Another very interesting aspect of the response has been the fact that many of the abortion rights proponents in the United States have tried to dismiss the development in Alabama because they say the legislators were overwhelmingly male. Well, let's just look at the Alabama Senate. There are only 35 members and 31 of them are men. By the way the measure passed the Senate by a vote of 25 to 6. That add up to only 31 somehow. Not all 35 senators voted. But let's look at the reality. There are 31 men out of a total of 35 seats.
So is it fair to say that this was a group of men, predominately white men, who are taking an action to affect the lives of women? Well, let's just consider something that's really important on this question but it's not addressed by most in the mainstream media. When you look at pro-life conviction in the United States, when you look at the pro-life movement, here's the reality. The majority of those involved in the movement are not men, they are women.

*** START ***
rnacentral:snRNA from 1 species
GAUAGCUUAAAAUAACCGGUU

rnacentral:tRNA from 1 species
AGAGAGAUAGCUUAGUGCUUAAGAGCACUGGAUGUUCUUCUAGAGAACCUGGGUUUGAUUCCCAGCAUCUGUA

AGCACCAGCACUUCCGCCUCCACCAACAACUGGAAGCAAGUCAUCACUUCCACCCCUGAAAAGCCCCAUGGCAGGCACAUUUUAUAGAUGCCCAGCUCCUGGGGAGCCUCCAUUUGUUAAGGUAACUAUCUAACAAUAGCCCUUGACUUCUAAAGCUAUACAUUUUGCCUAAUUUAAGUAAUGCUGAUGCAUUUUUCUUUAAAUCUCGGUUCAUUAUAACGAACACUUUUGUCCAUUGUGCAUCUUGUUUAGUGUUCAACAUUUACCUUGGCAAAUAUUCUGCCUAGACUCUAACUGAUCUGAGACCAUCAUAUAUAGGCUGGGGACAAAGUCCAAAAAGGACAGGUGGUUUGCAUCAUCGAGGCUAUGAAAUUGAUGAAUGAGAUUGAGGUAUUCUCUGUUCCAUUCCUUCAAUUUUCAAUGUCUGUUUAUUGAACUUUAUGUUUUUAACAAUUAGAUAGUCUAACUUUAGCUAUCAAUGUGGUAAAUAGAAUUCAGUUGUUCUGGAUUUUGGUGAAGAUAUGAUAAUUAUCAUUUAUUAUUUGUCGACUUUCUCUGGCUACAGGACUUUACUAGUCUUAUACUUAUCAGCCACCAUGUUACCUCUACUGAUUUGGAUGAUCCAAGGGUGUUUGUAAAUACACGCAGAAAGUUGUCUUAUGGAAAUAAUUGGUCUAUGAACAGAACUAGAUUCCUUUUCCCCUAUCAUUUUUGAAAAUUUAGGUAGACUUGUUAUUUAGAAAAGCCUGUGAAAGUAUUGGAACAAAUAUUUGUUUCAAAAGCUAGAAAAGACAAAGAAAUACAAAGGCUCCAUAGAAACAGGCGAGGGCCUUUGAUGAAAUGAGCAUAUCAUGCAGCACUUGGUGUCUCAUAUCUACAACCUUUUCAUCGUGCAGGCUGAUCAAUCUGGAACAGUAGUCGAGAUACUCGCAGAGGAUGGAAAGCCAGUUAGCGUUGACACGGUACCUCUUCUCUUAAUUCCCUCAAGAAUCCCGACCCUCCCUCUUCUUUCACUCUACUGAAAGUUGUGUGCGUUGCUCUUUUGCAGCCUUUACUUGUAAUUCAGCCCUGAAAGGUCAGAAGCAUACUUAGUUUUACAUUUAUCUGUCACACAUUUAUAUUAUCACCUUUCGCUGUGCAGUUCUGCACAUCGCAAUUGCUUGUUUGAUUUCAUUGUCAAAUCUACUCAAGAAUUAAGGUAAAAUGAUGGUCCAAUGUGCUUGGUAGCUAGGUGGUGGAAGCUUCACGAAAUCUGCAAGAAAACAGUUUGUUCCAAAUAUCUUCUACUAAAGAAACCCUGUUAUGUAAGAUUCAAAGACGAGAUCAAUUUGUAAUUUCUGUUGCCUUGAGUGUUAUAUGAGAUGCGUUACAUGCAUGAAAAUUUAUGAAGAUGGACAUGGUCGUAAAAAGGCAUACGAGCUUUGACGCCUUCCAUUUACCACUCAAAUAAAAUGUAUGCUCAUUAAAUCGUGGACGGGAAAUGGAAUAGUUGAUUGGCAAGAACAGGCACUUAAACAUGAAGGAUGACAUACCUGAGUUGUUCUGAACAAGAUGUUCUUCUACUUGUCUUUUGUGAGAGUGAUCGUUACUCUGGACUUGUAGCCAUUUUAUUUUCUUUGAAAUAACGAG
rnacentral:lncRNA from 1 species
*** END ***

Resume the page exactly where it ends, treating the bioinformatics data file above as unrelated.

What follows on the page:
And furthermore, basic research such as that undertaken by the Gallup organization, a recent poll on this question by the way was released just in June the 14th of 2018, it turns out that a greater percentage of women are pro-life than even man. So even though the Alabama Senate is overwhelmingly male, it turns out that that's not true of pro-life conviction in the United States.
The last stage of the debate over the Alabama legislation was also extremely important and here we need to think very, very clearly. The big question was whether or not exemptions would be written into the law. The traditional exemptions are three. They've been politically negotiated in most pro-life legislation. The exemptions are when a woman's life is at risk or when the pregnancy is caused by rape or by incest.